By the end of February the US-led coalition, known as the Combined Joint Task Force, was streaming into Mosul– and the civilian casualties were rising alarmingly. As in the present Gaza conflict, much was made of the claims that civilian casualties were the result of people being used as ‘human shields’, and that the impact on civilians was being limited according to the international rules of war, which of course it wasn’t. After nine gruelling and bloody months Mosul was reduced to a vast graveyard – more than 10,000 civilians were killed, along with 8,200 military personnel.

Given that more than 9,000 civilians have already been killed in just a month in Gaza, this latest explosion of violence looks set to establish an horrific new low in the sorry litany of human conflicts, and with all the potential to spill over into a much larger and more unpredictable war.

As Pope Francis pointed out in an interview this week with the Italian news programme Tg1, the world is going through a “very dark hour.”

 “One cannot find the ability to reflect clearly and at the darkest hour I will add: one more defeat,” said Francis.

“It has been like this since the last world war, from 1945 until now, one defeat after another, because the wars have not stopped. But the most serious problem still is the arms industry.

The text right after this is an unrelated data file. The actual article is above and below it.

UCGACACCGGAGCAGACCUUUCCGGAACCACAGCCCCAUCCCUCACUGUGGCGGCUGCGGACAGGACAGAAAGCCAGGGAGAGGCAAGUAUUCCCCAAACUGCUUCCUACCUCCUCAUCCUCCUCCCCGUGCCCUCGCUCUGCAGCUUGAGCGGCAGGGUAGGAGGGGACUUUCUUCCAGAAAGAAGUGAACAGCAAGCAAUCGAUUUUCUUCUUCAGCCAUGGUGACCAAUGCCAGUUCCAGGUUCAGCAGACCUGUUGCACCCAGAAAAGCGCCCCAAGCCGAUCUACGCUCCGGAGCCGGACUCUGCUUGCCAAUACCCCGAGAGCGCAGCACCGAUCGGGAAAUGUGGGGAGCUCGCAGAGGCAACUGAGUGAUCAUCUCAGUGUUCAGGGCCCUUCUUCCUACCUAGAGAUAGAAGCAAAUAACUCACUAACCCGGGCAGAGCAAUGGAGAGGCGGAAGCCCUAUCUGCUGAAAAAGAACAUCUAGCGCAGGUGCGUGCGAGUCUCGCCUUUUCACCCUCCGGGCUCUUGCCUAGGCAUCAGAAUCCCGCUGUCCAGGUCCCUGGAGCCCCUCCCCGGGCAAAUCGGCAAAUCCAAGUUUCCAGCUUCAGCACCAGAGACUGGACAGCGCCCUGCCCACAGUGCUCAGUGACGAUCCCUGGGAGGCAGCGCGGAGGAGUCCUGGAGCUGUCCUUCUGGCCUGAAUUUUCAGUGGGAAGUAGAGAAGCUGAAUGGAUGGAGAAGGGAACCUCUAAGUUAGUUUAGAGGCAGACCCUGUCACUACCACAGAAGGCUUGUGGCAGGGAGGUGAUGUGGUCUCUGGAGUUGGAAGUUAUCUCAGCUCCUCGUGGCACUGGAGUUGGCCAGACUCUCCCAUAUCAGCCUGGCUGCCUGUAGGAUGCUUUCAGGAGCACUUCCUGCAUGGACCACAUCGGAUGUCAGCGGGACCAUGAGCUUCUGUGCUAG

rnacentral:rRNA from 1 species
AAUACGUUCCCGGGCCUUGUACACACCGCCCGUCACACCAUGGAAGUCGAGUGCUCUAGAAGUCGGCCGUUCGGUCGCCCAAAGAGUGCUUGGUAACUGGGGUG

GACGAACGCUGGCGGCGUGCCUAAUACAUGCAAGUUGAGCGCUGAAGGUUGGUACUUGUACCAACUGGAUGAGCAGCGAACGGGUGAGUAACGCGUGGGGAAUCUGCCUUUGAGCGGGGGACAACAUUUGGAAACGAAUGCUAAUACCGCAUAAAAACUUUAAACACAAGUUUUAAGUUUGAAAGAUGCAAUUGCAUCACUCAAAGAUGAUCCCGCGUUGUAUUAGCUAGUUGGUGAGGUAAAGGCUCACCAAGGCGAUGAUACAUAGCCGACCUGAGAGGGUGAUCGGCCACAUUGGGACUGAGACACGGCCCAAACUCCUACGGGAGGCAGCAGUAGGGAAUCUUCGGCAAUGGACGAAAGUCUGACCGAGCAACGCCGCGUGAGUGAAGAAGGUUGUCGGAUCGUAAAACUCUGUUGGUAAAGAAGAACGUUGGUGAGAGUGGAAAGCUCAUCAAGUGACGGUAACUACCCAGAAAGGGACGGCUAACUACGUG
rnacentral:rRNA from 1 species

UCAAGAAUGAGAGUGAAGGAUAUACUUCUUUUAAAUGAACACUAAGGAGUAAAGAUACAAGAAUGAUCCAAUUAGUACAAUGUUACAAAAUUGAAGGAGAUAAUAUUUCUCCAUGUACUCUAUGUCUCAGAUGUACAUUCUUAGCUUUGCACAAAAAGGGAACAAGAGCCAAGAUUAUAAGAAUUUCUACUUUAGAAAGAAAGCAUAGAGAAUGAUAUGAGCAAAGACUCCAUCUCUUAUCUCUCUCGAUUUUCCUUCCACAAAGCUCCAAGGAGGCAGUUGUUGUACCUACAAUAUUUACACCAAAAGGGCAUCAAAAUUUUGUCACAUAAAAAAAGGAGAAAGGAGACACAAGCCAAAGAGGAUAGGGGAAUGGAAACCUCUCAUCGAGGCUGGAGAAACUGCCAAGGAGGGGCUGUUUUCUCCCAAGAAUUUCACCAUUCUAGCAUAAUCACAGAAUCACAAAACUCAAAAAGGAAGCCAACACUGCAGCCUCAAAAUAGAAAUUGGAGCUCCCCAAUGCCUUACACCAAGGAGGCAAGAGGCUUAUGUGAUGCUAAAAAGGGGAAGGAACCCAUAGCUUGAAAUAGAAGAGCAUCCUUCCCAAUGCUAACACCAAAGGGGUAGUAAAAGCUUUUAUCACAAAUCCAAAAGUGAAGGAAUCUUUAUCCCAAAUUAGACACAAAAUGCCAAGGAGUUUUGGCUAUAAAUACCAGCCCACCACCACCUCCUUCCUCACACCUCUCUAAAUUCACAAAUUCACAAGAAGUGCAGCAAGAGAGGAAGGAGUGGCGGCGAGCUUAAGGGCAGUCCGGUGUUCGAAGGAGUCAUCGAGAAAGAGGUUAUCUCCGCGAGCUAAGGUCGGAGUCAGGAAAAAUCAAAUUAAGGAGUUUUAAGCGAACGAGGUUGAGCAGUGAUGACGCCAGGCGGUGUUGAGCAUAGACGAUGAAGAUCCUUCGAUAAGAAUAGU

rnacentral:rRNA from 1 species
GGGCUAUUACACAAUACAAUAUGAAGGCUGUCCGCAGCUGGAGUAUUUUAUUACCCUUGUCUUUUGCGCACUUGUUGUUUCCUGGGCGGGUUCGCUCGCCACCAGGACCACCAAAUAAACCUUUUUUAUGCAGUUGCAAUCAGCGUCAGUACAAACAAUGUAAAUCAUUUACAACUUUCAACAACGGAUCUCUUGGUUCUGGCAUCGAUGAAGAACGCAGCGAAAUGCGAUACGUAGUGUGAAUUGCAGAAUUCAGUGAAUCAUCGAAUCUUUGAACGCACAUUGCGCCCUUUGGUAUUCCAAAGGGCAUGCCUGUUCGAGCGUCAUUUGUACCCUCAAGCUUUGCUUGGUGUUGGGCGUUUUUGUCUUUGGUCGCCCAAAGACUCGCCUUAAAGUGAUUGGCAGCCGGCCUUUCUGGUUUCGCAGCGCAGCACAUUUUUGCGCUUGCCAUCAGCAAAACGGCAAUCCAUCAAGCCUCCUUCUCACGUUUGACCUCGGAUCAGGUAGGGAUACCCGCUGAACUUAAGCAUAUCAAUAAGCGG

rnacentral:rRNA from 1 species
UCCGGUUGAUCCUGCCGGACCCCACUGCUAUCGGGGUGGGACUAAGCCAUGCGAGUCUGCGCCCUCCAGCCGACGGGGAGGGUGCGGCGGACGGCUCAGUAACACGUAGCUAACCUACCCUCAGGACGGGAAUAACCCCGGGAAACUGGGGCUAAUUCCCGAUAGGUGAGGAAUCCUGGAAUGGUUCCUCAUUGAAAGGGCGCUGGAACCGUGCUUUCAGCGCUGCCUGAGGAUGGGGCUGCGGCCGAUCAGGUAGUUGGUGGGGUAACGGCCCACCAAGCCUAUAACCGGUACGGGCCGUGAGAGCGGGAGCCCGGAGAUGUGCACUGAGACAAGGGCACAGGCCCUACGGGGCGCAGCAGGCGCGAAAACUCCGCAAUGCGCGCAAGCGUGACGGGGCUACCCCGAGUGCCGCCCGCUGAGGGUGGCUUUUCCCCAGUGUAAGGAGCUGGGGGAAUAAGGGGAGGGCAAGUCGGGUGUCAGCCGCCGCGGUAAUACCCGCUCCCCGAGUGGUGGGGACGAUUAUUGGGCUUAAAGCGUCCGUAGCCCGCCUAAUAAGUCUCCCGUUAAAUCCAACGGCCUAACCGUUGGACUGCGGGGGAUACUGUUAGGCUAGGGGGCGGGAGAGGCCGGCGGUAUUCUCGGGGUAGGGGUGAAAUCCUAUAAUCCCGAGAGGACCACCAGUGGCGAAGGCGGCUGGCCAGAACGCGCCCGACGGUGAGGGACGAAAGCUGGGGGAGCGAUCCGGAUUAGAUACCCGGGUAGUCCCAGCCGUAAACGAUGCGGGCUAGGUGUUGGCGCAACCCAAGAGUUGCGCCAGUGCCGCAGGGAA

“A person who understands investments, who I met in a meeting, told me that today the investments that generate the most income are weapons factories”.

Whilst that will come as no surprise to most Catholics, persuading the broader population that war is no solution to human differences is still a long way off. One only has to look at the population and fields of employment in countries such as the UK and America to see that – despite the horrors of two world wars an endless regional conflicts since – the general populace is still deeply entrenched in empathy for militaristic activities, and the tendency to resort to warfare whenever relations between nations break down.

I’d even go so far as to argue that sadly many of the philosophical and political gains made with such heroic efforts by by peace campaigners across the 1970s and 80s have waned in the face of what appears to be an increasingly intransigent and belligerent society.